School district prioritizing special education, seeks grants for safety tech
SLIPPERY ROCK TWP — Slippery Rock Area School District’s board of education looked into its special education program Monday.
The district sought an assessment from Key Consulting Group about ways in which the program can improve, said assistant superintendent Susan Miller.
She said the district wants its special education program to be as good as it can be.
“It wasn’t evaluative in the sense that it is good or bad,” Miller said.
The evaluation highlighted areas where the program was succeeding and offered recommendations going forward.
“(It was) along the lines of how do we improve our program,” Miller said.
Some suggestions involved the administrative placement of the director of special services position, Miller said.
Another suggestion involved a more even distribution of time and attention between students, since some students with greater needs may receive more time and attention than other students who were getting overlooked, Miller said.
The board also approved requesting grant funds to implement added safety measures within the district.
The board approved a letter requesting help with safety “technology purchases” without disclosing the specific equipment and materials it plans to buy, superintendent Alfonso Angelucci said.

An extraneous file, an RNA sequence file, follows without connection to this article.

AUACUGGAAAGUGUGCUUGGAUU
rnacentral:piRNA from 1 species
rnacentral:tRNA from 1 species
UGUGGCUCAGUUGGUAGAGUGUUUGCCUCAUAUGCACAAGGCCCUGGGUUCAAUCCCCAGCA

Angelucci cited confidentiality afforded for safety-related matters. The details were discussed during an executive session.
The district was allocated two School Safety and Mental Health grants, each $129,750, Miller said.
The board also discussed the potential impact of new science standards published in November that move to using the acronym STEELS instead of STEAM, Miller said.
The new acronym, which will replace Science, Technology, Engineering, Art and Math, will instead encompass Science, Technology, Engineering, Environmental Literacy and Sustainability.
It’s not yet clear whether the new standards will result in specific curriculum changes, Miller said of the state initiative.
“We’re looking at the new implementation plan, looking at what we already have in place and doing what we call a crosswalk,” Miller said. “Where does it live in our curriculum right now? Do we need to shift it to another grade level or to a new topic, so eventually it might result in different courses?”
It’s a little early to answer some of these questions, but along with the new standards comes an updated science assessment from the Pennsylvania Department of Education, Miller said. The district looks to implement any changes in 2025, she said.